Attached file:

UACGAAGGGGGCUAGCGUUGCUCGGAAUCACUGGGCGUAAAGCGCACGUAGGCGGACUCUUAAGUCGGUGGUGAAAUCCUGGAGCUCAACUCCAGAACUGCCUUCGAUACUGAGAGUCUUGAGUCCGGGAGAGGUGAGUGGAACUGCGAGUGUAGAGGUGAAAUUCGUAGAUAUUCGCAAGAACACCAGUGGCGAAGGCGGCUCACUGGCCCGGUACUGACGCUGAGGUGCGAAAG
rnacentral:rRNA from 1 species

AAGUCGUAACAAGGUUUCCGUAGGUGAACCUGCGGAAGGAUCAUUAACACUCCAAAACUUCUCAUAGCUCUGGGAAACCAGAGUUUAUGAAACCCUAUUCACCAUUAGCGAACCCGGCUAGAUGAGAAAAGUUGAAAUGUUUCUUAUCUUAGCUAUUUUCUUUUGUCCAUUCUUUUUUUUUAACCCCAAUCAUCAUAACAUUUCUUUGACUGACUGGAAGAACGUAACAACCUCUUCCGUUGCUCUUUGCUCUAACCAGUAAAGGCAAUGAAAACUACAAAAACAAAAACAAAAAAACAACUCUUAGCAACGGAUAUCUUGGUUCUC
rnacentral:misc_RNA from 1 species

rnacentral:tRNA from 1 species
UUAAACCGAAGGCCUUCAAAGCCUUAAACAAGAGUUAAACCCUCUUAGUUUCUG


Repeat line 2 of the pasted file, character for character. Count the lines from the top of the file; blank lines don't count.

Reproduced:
rnacentral:rRNA from 1 species